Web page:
3. Mappings of new FHIR resources presently unavailable from Cerner Ignite, specifically in areas of basic demographics, basic visit details, lab test results, medication orders, problem list, and diagnosis and procedure codes (to the extent the Cerner system has that data). These resources draw from tables already mapped for ETL purposes by the Clinical Data Warehouse and Emory i2b2 teams.
  4. Resource providers will be implemented for these mappings and deployed into the Emory FHIR endpoint.
  5. The new resources will be proxied by the Emory Patient API Gateway, making all of the Cerner Ignite FHIR resources and new Emory FHIR resources available to a sample application.
  6. A sample FHIR mobile application and web application will be developed using the Emory Patient API Gateway tools to demonstrate using APIs from both Cerner Ignite and the EAR FHIR endpoint from the common API gateway.


FHIR Specification Implementation and Compliance

Cerner Ignite supports the DSTU 2 Final (1.0.2) version of the FHIR protocol specification and a subset of the FHIR resources and actions. The following table was compiled from Cerner's API documentation to serve as a quick reference to which resources and actions Cerner Ignite supports. Those resources listed in green have the implemented actions indicated with an X in the table. The resource name contains a link to the Cerner API documentation for the resource. The X marks are links to the documentation for the action within the resource document.


Resource NameSearchRetrieve By IdCreateUpdate$autogen-ccd-ifOperation: docref
CarePlan XX    
Goal XX    
Observation X     
DiagnosticReport X     
Device XX    
Encounter XX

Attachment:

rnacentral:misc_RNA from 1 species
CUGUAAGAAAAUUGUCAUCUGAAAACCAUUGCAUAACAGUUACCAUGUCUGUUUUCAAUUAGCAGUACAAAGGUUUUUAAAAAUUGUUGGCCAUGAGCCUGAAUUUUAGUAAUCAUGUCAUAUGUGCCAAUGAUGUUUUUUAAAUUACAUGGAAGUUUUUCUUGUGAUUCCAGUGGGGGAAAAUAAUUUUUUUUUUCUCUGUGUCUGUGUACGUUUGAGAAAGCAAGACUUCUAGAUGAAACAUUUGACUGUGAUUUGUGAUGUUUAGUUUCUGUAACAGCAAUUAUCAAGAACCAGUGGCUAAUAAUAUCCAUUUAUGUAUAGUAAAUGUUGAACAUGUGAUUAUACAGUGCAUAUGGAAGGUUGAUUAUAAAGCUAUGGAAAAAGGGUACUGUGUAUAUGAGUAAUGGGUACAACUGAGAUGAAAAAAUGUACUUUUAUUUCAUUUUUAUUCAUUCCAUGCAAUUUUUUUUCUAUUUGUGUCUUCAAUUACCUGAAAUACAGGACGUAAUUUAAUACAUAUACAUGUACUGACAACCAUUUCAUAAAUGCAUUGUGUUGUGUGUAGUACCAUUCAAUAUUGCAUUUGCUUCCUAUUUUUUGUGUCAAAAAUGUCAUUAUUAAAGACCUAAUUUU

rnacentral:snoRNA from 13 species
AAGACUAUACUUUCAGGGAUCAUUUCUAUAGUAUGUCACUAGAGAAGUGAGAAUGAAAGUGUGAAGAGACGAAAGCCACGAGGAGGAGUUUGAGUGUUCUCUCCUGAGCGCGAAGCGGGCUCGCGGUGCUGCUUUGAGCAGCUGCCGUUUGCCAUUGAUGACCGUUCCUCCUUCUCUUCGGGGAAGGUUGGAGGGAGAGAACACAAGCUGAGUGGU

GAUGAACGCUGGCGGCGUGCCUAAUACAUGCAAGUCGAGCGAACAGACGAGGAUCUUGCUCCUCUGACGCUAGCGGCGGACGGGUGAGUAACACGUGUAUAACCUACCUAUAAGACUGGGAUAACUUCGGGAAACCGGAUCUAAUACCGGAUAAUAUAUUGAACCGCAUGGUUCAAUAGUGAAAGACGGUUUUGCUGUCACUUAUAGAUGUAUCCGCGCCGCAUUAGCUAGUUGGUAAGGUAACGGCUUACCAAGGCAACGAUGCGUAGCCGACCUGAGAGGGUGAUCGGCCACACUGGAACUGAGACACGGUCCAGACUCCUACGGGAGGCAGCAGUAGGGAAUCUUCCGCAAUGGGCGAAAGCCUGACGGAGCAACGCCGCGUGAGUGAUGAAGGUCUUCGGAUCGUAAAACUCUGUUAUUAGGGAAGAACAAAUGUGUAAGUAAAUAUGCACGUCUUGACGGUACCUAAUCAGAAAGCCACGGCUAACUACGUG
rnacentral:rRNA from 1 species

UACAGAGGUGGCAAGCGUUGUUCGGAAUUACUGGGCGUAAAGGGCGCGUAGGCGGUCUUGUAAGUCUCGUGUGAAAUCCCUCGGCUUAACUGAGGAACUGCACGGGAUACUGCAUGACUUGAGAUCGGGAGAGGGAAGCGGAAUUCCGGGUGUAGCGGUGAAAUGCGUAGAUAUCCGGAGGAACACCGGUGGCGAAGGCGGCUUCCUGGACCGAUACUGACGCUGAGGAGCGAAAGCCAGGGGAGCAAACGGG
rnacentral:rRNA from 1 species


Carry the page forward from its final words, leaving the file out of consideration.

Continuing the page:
Contract XX    
Person XX    
AllergyIntolerance XXXX  
Condition XXXX  
Procedure XX    
Binary X   X 
DocumentReference   X  X
Patient XX    
Practitioner XX    
RelatedPerson XX    
Immunization XX    
MedicationOrder X     
MedicationStatement XXXX  
MedicationAdministrationt XX



Appointment XXX   
Schedule XX    
Slot XX   

 


Implementing Apps That Use Patient Data - Both Integrated in Emory's Electronic Medical Record (EeMR) and Not Integrated

Emory applauds the innovative spirit behind the development of patient-related apps, as these apps hold much promise for improving health, fostering groundbreaking discoveries and improving the clinician workflow. However, it is also imperative that apps making use of patient data, relying on Emory data and serving as a tool for patient care be thoroughly vetted.

As such, Emory has implemented a formalized app endorsement process. The process is operationally supported by the FHIR Advisory Committee – a group of stakeholders from a variety of disciplines from within the organization that serves as the steward for Emory’s FHIR operations, strategy and governance program. At is core, the committee’s main goal is to advocate and advance the liberal and responsible access to Emory’s data to support innovation, advancements in patient care and improvements in clinician workflow.